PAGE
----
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Antibiotic Development Incentives May Be Tricky to Implement

June 8, 2016
A recently proposed broad suite of antibiotic development incentives has received strong support from industry stakeholders, but revealed a desire to move specific ideas and proposals into practice and skepticism about so-called “pay-or-play” provisions during a Wednesday morning panel at the BIO International Convention.

Reflecting the increasing importance of the topic, the discussion was one of three panels devoted to the serious global threat of antimicrobial resistance, noted the World Health Organization’s Martin Friede, compared to only one in 2015 and zero in prior years. Without effective action to tackle this problem, said Jeremy Knox, deputy head of the UK’s Review on Antimicrobial Resistance, by 2050 the world may see $100 trillion in lost GDP and up to 10 million deaths annually caused by infections that are resistant to treatment.

The Review’s comprehensive report on AMR was released in May 2016, and Knox said those startling figures have grabbed the attention not just of health policy wonks and the pharmaceutical industry, but finance ministers and heads of governments around the world. Tackling AMR will require addressing both the demand side of the problem (misuse and overuse of antibiotics) and the supply side, by incentivizing industry to develop new treatments.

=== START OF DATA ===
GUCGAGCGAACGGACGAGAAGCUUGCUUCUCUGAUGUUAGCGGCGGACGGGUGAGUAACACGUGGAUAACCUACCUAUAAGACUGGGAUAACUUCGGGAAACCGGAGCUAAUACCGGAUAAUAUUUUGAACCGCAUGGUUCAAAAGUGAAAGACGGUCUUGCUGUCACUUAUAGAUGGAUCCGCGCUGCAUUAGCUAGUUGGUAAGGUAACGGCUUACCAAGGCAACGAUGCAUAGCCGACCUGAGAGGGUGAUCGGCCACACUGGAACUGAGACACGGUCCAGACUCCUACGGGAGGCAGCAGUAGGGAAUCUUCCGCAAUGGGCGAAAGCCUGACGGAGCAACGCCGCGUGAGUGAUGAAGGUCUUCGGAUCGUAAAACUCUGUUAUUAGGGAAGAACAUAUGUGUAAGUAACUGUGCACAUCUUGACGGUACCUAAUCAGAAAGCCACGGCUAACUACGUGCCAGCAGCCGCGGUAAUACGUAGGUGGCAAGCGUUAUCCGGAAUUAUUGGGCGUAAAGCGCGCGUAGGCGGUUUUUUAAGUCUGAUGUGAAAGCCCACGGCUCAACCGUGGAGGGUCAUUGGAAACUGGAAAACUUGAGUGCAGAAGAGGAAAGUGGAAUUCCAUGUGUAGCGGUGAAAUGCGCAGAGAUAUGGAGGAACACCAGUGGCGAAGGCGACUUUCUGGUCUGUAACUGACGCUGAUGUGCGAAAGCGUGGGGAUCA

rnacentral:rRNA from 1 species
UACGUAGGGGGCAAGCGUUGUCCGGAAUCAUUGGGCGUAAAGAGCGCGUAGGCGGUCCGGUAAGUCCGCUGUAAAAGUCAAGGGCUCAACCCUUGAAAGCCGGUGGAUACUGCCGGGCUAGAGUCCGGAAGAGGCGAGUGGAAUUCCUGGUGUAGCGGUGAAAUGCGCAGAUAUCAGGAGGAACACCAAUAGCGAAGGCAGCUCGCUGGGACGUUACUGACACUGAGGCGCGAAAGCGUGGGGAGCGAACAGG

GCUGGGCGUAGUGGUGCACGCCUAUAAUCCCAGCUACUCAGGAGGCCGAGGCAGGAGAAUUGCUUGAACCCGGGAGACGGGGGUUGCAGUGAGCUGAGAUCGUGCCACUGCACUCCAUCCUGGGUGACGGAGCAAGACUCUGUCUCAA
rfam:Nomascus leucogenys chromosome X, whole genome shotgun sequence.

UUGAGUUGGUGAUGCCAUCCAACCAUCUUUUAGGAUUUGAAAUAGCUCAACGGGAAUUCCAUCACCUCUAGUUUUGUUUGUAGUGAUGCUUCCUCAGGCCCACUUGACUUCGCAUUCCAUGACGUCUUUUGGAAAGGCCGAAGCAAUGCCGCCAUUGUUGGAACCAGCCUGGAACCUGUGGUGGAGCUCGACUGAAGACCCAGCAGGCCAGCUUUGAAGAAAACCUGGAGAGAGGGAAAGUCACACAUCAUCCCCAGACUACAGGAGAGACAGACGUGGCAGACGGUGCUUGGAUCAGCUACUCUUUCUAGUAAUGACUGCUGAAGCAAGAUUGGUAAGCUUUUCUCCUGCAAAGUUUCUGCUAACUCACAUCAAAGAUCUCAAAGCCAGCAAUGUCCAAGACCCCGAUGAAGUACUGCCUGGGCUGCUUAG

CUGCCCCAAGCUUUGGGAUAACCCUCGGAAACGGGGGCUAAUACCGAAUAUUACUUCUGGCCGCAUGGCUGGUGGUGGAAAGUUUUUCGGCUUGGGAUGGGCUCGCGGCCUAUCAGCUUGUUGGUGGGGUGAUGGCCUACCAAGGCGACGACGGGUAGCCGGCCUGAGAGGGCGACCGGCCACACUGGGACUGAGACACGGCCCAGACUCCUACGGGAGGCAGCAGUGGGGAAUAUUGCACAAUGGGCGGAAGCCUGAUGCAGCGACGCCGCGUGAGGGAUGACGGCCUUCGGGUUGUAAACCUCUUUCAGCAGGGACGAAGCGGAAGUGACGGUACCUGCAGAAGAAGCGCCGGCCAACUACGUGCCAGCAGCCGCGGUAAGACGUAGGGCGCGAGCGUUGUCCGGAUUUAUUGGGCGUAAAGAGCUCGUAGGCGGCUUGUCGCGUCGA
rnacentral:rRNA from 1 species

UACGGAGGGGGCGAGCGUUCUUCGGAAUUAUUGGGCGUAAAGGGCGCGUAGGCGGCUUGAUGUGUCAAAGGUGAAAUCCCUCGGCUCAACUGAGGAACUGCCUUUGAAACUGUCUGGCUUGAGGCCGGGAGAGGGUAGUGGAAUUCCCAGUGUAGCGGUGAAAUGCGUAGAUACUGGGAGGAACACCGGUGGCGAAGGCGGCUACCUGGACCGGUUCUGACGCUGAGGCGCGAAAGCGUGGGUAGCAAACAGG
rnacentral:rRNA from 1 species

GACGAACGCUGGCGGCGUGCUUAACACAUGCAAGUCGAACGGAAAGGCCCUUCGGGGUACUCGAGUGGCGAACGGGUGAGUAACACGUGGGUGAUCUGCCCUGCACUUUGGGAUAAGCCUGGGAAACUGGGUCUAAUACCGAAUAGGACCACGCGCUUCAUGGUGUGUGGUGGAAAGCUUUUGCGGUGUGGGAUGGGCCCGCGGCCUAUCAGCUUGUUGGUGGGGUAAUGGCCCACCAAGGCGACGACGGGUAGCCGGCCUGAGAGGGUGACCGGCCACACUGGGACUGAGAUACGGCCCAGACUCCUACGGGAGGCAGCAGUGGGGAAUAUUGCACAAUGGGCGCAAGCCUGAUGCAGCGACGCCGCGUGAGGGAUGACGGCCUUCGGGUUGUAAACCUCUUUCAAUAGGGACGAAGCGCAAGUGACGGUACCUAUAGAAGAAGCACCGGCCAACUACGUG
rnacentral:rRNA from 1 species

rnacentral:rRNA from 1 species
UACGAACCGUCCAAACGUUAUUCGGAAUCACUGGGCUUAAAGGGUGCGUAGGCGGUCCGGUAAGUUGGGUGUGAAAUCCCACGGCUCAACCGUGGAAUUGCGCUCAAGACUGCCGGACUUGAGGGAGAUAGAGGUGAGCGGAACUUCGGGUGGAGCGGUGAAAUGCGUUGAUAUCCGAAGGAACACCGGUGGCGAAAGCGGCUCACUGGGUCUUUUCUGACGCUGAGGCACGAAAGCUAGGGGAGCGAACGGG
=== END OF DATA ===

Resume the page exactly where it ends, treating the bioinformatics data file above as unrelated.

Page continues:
Those incentives comprise both “push” and “pull” enticements. On the push side, organizations like BARDA in the US and the Innovative Medicines Initiative have been crucial sources of grants to support development, but more funding is needed, said Knox, and the Review proposed a global innovation fund that would offer a comprehensive and coordinated approach to funding. Pull incentives could include expedited development pathways, opportunities for better pricing, and most intriguingly, a prize for successful antibiotic development comprising a lump-sum payment of more than a billion dollars.

Awards for 15 new antibiotics might cost about $16 billion over a decade, said Knox. The goal of uch a prize would be to de-link biopharma companies’ return-on-investment from the traditional volume-based sales model, explained Gregory Daniel, deputy director of the Duke-Margolis Center for Health Policy at Duke University. Such prizes and other incentives would need to be funded, however, and one method - by placing part of the funding burden on the industry itself, particularly on companies that aren’t investing in antibacterial R&D through a pay-or-play system - was met with skepticism.

“From our perspective, we’re heavily invested in the area so it wouldn’t make a big financial impact to us, but we do have some concerns about that approach,” said David Payne, VP of antibacterial discovery at GlaxoSmithKline. “You have got to really want to work in antibacterial R&D,” and by coercing companies via pay-or-play, “I’m not sure you’ll get the vibrant R&D environment you’ll need to excel for the future.” Payne suggested that the lump sum payments could possibly be shared by a broader group of government funders, noting that these are the kind of specific discussions that have yet to happen.

“Government-funded large prizes would be great if they existed, but how you pull that off just isn’t clear yet,” said Blake Wise, COO of the anti-infectives biotech Achaogen. “So we gravitate toward things that fit into today’s system.”